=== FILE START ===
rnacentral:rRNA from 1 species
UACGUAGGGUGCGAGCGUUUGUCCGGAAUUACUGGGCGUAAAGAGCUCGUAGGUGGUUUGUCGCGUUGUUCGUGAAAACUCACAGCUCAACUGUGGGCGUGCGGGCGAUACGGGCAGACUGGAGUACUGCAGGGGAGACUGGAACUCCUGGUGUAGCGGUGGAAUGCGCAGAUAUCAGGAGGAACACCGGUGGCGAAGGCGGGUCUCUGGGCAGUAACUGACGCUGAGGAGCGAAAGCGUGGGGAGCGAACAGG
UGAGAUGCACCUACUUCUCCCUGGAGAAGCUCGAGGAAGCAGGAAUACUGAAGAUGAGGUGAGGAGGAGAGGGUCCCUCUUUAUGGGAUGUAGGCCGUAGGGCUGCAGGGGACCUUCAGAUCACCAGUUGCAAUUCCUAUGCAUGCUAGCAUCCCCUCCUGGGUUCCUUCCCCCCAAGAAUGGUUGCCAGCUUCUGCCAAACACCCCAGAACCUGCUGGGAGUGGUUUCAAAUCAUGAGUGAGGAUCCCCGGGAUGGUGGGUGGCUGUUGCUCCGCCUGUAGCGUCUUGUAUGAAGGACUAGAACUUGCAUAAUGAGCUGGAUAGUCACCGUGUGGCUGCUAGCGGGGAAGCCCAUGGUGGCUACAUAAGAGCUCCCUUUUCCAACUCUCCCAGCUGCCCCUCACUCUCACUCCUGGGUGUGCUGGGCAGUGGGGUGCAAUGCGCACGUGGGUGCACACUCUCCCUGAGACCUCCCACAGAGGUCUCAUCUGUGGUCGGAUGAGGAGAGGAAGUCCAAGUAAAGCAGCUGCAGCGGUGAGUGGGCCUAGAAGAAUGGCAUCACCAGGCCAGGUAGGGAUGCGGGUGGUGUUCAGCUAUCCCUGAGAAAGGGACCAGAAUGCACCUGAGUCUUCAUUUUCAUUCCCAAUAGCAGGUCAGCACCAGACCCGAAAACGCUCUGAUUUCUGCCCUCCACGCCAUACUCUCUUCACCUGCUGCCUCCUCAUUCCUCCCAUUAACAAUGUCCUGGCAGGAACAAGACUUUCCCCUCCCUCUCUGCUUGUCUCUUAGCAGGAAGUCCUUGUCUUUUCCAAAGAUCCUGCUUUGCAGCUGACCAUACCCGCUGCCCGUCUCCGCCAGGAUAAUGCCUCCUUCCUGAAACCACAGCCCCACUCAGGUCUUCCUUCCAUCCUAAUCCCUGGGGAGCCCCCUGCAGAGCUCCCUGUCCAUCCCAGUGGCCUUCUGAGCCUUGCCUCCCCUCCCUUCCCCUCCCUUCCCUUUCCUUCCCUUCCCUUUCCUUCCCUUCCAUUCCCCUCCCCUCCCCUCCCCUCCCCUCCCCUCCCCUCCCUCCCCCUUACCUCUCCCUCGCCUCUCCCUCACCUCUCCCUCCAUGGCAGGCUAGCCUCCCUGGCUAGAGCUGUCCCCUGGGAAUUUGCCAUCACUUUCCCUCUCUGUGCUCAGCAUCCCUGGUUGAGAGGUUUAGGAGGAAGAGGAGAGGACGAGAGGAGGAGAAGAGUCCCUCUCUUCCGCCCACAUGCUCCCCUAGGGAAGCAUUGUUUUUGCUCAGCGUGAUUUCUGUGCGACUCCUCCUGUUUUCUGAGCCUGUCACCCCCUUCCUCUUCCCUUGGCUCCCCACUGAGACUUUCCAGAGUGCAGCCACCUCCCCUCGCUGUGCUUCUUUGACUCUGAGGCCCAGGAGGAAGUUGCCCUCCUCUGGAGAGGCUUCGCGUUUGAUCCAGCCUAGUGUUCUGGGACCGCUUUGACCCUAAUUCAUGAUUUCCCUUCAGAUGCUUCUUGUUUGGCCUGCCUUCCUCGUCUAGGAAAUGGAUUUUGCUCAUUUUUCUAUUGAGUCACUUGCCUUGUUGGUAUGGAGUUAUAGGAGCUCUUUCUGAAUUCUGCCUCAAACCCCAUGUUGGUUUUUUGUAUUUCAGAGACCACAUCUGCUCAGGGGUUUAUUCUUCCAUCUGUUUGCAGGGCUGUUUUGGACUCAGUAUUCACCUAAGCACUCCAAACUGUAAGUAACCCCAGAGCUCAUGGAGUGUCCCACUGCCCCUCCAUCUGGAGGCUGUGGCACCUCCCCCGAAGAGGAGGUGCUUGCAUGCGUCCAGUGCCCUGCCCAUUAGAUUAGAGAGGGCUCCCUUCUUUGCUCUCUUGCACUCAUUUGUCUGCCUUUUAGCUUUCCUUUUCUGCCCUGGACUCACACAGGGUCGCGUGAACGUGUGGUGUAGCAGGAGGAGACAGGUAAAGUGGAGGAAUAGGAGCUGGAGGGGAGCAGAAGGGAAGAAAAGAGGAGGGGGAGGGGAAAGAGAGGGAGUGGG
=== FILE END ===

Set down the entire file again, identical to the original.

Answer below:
rnacentral:rRNA from 1 species
UACGUAGGGUGCGAGCGUUUGUCCGGAAUUACUGGGCGUAAAGAGCUCGUAGGUGGUUUGUCGCGUUGUUCGUGAAAACUCACAGCUCAACUGUGGGCGUGCGGGCGAUACGGGCAGACUGGAGUACUGCAGGGGAGACUGGAACUCCUGGUGUAGCGGUGGAAUGCGCAGAUAUCAGGAGGAACACCGGUGGCGAAGGCGGGUCUCUGGGCAGUAACUGACGCUGAGGAGCGAAAGCGUGGGGAGCGAACAGG
UGAGAUGCACCUACUUCUCCCUGGAGAAGCUCGAGGAAGCAGGAAUACUGAAGAUGAGGUGAGGAGGAGAGGGUCCCUCUUUAUGGGAUGUAGGCCGUAGGGCUGCAGGGGACCUUCAGAUCACCAGUUGCAAUUCCUAUGCAUGCUAGCAUCCCCUCCUGGGUUCCUUCCCCCCAAGAAUGGUUGCCAGCUUCUGCCAAACACCCCAGAACCUGCUGGGAGUGGUUUCAAAUCAUGAGUGAGGAUCCCCGGGAUGGUGGGUGGCUGUUGCUCCGCCUGUAGCGUCUUGUAUGAAGGACUAGAACUUGCAUAAUGAGCUGGAUAGUCACCGUGUGGCUGCUAGCGGGGAAGCCCAUGGUGGCUACAUAAGAGCUCCCUUUUCCAACUCUCCCAGCUGCCCCUCACUCUCACUCCUGGGUGUGCUGGGCAGUGGGGUGCAAUGCGCACGUGGGUGCACACUCUCCCUGAGACCUCCCACAGAGGUCUCAUCUGUGGUCGGAUGAGGAGAGGAAGUCCAAGUAAAGCAGCUGCAGCGGUGAGUGGGCCUAGAAGAAUGGCAUCACCAGGCCAGGUAGGGAUGCGGGUGGUGUUCAGCUAUCCCUGAGAAAGGGACCAGAAUGCACCUGAGUCUUCAUUUUCAUUCCCAAUAGCAGGUCAGCACCAGACCCGAAAACGCUCUGAUUUCUGCCCUCCACGCCAUACUCUCUUCACCUGCUGCCUCCUCAUUCCUCCCAUUAACAAUGUCCUGGCAGGAACAAGACUUUCCCCUCCCUCUCUGCUUGUCUCUUAGCAGGAAGUCCUUGUCUUUUCCAAAGAUCCUGCUUUGCAGCUGACCAUACCCGCUGCCCGUCUCCGCCAGGAUAAUGCCUCCUUCCUGAAACCACAGCCCCACUCAGGUCUUCCUUCCAUCCUAAUCCCUGGGGAGCCCCCUGCAGAGCUCCCUGUCCAUCCCAGUGGCCUUCUGAGCCUUGCCUCCCCUCCCUUCCCCUCCCUUCCCUUUCCUUCCCUUCCCUUUCCUUCCCUUCCAUUCCCCUCCCCUCCCCUCCCCUCCCCUCCCCUCCCCUCCCUCCCCCUUACCUCUCCCUCGCCUCUCCCUCACCUCUCCCUCCAUGGCAGGCUAGCCUCCCUGGCUAGAGCUGUCCCCUGGGAAUUUGCCAUCACUUUCCCUCUCUGUGCUCAGCAUCCCUGGUUGAGAGGUUUAGGAGGAAGAGGAGAGGACGAGAGGAGGAGAAGAGUCCCUCUCUUCCGCCCACAUGCUCCCCUAGGGAAGCAUUGUUUUUGCUCAGCGUGAUUUCUGUGCGACUCCUCCUGUUUUCUGAGCCUGUCACCCCCUUCCUCUUCCCUUGGCUCCCCACUGAGACUUUCCAGAGUGCAGCCACCUCCCCUCGCUGUGCUUCUUUGACUCUGAGGCCCAGGAGGAAGUUGCCCUCCUCUGGAGAGGCUUCGCGUUUGAUCCAGCCUAGUGUUCUGGGACCGCUUUGACCCUAAUUCAUGAUUUCCCUUCAGAUGCUUCUUGUUUGGCCUGCCUUCCUCGUCUAGGAAAUGGAUUUUGCUCAUUUUUCUAUUGAGUCACUUGCCUUGUUGGUAUGGAGUUAUAGGAGCUCUUUCUGAAUUCUGCCUCAAACCCCAUGUUGGUUUUUUGUAUUUCAGAGACCACAUCUGCUCAGGGGUUUAUUCUUCCAUCUGUUUGCAGGGCUGUUUUGGACUCAGUAUUCACCUAAGCACUCCAAACUGUAAGUAACCCCAGAGCUCAUGGAGUGUCCCACUGCCCCUCCAUCUGGAGGCUGUGGCACCUCCCCCGAAGAGGAGGUGCUUGCAUGCGUCCAGUGCCCUGCCCAUUAGAUUAGAGAGGGCUCCCUUCUUUGCUCUCUUGCACUCAUUUGUCUGCCUUUUAGCUUUCCUUUUCUGCCCUGGACUCACACAGGGUCGCGUGAACGUGUGGUGUAGCAGGAGGAGACAGGUAAAGUGGAGGAAUAGGAGCUGGAGGGGAGCAGAAGGGAAGAAAAGAGGAGGGGGAGGGGAAAGAGAGGGAGUGGG